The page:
In an early summer post I’ve introduced you to pogácsa, the pastry above all else of my country. This time I’ve decided to leave my comfort zone and venture out into the world of flaky biscuits, exploring the scone kingdom. (Did not risk going all out though, as you’re about to see.)
Turns out these two are closer than I thought!
The origin of the scone is lost in the mists of the British Isles – read the clever title of one article I came across when I was doing research on the topic. They got their start as a Scottish quick bread, made with unleavened oats and baked on a griddle, then scored into 4 or 6 wedges to serve.
Today’s versions are made with wheat flour, butter and milk, leavened with baking powder and baked in the oven both in the traditional wedge form and in round, square or hexagonal shapes. They are widely available in bakeries, grocery stores and supermarkets just like pogácsa, except I’ve never seen our baby cut to triangles.
And that is what actually made me want to try scones! Shapes affect our subconscious mind, could you ever have imagined?
Another important similarity between the two contenders is that making them at home is often closely tied to heritage baking. Both tend to be made using family recipes rather than recipe books, since it’s always a family member who holds the best and most treasured recipe (hello, grandma!).
But, and here’s the catch – British scones are most often sweetened, while pogácsa is always savory. I simply couldn’t deny my roots, so the search for savory scones began. And strictly entre nous, but there seems to be life beyond lemon curd, jam and clotted cream!
In parts of the world where afternoon tea is not a thing, scones have joined muffins and croissants as breakfast and on-the-go snack alternatives anyway, the same way we like to enjoy commercial pogácsa.
I’ve read through quite a lot of recipes and after much consideration decided on a cheese and herb scone. It turned out rather well: rich and sturdy and compact. I could easily break off pieces to nibble on and stowed one in my bag the next day without worrying about it getting smooshed. I also put some leftovers in the freezer wrapped in plastic, and after a round in the toaster it was like they just came out of the oven.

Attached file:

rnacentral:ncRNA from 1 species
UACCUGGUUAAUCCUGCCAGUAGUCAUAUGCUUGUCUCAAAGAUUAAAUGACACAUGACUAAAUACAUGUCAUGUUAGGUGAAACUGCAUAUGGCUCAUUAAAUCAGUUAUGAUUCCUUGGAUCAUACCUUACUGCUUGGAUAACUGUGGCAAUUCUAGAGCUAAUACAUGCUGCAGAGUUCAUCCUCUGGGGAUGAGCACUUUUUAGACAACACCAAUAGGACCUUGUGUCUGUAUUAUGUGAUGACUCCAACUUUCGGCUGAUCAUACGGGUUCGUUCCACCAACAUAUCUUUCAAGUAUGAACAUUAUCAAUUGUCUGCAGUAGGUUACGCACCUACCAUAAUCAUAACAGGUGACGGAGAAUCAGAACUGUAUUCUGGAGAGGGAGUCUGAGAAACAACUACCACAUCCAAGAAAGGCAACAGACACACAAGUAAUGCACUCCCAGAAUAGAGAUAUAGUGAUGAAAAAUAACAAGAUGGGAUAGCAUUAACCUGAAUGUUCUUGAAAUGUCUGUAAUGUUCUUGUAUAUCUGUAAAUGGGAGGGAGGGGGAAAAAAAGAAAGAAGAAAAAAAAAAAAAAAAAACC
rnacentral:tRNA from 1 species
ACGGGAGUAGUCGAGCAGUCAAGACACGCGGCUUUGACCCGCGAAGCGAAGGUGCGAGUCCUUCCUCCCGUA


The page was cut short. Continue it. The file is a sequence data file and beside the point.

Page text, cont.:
Verdict: definitely going to make scones again. Maybe even try a sweet one! I’m not so terribly discriminating about my biscuits after all 🙂
I can’t really tell where this recipe is adapted from as I picked out and merged and tweaked it based on about a dozen different ones, so I shall be generous with myself and call it my own.
Two things I’ve learnt along the recipe testing: it’s important not to over-mix the dough to get tender and flaky scones, and it takes a little more time to bake them golden than was suggested.
I give you the result of my trial and error:
Gouda and Chives Savory Scones
Cheesy, savory scones flavored with the subtle taste of chives. Makes 8.
2 cups AP flour (or 1 cup whole wheat and 1 cup AP)
1 tsp baking soda
1 tsp baking powder
1 tsp salt
½ tsp freshly ground black pepper
1 tbsp chives, dried (or 2 tbsp finely chopped fresh)
1 cup shredded gouda cheese
¾ cup buttermilk
115 g (1 stick) very cold butter, cut to small cubes
- Preheat oven to 190°C (375°F) and line a baking sheet with parchment paper.
- In a large bowl, mix all dry ingredients, including cheese and chives.
- Work butter cubes in the dry ingredients using your fingers until texture resembles pea-sized crumbles. Work quickly so butter stays cold.
- Add buttermilk, and barely stir together. Just get the dough to hold together without kneading it smooth. Lumpy is fine!
- Slap it on the parchment lined baking sheet and form a disc about 2,5 cm (1”) thick, handling the dough as little as possible.
- Cut into 8 wedges and bake until golden, 30-35 min. Enjoy warm!